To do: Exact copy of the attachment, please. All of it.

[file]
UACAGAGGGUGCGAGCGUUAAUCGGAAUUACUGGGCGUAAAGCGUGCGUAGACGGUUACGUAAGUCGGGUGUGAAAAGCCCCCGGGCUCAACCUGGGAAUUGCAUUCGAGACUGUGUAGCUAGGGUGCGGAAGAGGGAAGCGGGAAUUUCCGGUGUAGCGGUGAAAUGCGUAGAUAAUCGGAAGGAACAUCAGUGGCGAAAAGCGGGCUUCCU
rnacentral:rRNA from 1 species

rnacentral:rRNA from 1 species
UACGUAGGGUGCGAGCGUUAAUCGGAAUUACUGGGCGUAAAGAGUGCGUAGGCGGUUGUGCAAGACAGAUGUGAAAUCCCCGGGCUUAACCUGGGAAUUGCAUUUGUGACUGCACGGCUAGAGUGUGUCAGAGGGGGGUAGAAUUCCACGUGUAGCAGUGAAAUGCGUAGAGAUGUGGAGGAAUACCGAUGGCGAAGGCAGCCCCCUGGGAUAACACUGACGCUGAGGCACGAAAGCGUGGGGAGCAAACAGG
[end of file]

UACAGAGGGUGCGAGCGUUAAUCGGAAUUACUGGGCGUAAAGCGUGCGUAGACGGUUACGUAAGUCGGGUGUGAAAAGCCCCCGGGCUCAACCUGGGAAUUGCAUUCGAGACUGUGUAGCUAGGGUGCGGAAGAGGGAAGCGGGAAUUUCCGGUGUAGCGGUGAAAUGCGUAGAUAAUCGGAAGGAACAUCAGUGGCGAAAAGCGGGCUUCCU
rnacentral:rRNA from 1 species

rnacentral:rRNA from 1 species
UACGUAGGGUGCGAGCGUUAAUCGGAAUUACUGGGCGUAAAGAGUGCGUAGGCGGUUGUGCAAGACAGAUGUGAAAUCCCCGGGCUUAACCUGGGAAUUGCAUUUGUGACUGCACGGCUAGAGUGUGUCAGAGGGGGGUAGAAUUCCACGUGUAGCAGUGAAAUGCGUAGAGAUGUGGAGGAAUACCGAUGGCGAAGGCAGCCCCCUGGGAUAACACUGACGCUGAGGCACGAAAGCGUGGGGAGCAAACAGG